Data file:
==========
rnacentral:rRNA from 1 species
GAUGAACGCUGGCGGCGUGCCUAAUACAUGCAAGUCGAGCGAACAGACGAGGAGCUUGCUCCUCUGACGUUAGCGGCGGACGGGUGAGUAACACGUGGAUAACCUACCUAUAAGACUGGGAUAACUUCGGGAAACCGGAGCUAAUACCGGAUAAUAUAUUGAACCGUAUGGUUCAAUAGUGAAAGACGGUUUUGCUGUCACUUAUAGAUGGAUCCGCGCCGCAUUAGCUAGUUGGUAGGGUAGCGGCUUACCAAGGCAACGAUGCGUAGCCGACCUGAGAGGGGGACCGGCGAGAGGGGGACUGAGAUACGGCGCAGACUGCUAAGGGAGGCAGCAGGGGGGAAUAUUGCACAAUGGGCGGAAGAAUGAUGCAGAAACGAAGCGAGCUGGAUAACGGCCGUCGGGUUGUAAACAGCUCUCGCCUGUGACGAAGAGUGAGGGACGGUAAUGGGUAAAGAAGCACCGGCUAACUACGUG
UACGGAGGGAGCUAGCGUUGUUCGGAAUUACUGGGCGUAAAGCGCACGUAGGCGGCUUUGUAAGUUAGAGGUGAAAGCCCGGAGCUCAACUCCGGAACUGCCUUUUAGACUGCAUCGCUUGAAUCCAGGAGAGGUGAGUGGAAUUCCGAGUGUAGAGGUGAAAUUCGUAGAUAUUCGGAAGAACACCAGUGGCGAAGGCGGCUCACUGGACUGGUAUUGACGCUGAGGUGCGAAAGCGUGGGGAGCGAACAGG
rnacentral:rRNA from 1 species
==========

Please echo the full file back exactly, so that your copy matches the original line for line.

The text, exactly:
rnacentral:rRNA from 1 species
GAUGAACGCUGGCGGCGUGCCUAAUACAUGCAAGUCGAGCGAACAGACGAGGAGCUUGCUCCUCUGACGUUAGCGGCGGACGGGUGAGUAACACGUGGAUAACCUACCUAUAAGACUGGGAUAACUUCGGGAAACCGGAGCUAAUACCGGAUAAUAUAUUGAACCGUAUGGUUCAAUAGUGAAAGACGGUUUUGCUGUCACUUAUAGAUGGAUCCGCGCCGCAUUAGCUAGUUGGUAGGGUAGCGGCUUACCAAGGCAACGAUGCGUAGCCGACCUGAGAGGGGGACCGGCGAGAGGGGGACUGAGAUACGGCGCAGACUGCUAAGGGAGGCAGCAGGGGGGAAUAUUGCACAAUGGGCGGAAGAAUGAUGCAGAAACGAAGCGAGCUGGAUAACGGCCGUCGGGUUGUAAACAGCUCUCGCCUGUGACGAAGAGUGAGGGACGGUAAUGGGUAAAGAAGCACCGGCUAACUACGUG
UACGGAGGGAGCUAGCGUUGUUCGGAAUUACUGGGCGUAAAGCGCACGUAGGCGGCUUUGUAAGUUAGAGGUGAAAGCCCGGAGCUCAACUCCGGAACUGCCUUUUAGACUGCAUCGCUUGAAUCCAGGAGAGGUGAGUGGAAUUCCGAGUGUAGAGGUGAAAUUCGUAGAUAUUCGGAAGAACACCAGUGGCGAAGGCGGCUCACUGGACUGGUAUUGACGCUGAGGUGCGAAAGCGUGGGGAGCGAACAGG
rnacentral:rRNA from 1 species